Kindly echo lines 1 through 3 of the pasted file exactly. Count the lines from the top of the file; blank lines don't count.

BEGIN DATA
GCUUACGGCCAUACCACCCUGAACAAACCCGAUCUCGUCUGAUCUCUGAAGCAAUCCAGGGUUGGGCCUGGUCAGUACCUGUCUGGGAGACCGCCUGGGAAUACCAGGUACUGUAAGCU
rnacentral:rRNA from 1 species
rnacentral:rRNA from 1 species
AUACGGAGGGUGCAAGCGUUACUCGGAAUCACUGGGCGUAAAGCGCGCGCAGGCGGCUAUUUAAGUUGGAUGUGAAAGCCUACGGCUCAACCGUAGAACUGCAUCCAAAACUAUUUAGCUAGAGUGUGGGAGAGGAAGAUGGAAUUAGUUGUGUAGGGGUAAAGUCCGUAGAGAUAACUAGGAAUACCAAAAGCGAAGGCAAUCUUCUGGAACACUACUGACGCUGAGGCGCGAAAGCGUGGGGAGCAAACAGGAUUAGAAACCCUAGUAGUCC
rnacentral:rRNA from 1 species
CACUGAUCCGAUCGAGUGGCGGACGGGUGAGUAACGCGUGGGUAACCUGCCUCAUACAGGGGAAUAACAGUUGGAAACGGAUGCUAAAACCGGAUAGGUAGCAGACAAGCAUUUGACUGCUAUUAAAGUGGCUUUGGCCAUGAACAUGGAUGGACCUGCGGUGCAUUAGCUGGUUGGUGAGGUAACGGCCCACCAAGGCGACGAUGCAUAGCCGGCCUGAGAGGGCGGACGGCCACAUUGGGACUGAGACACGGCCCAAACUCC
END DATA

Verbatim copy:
GCUUACGGCCAUACCACCCUGAACAAACCCGAUCUCGUCUGAUCUCUGAAGCAAUCCAGGGUUGGGCCUGGUCAGUACCUGUCUGGGAGACCGCCUGGGAAUACCAGGUACUGUAAGCU
rnacentral:rRNA from 1 species
rnacentral:rRNA from 1 species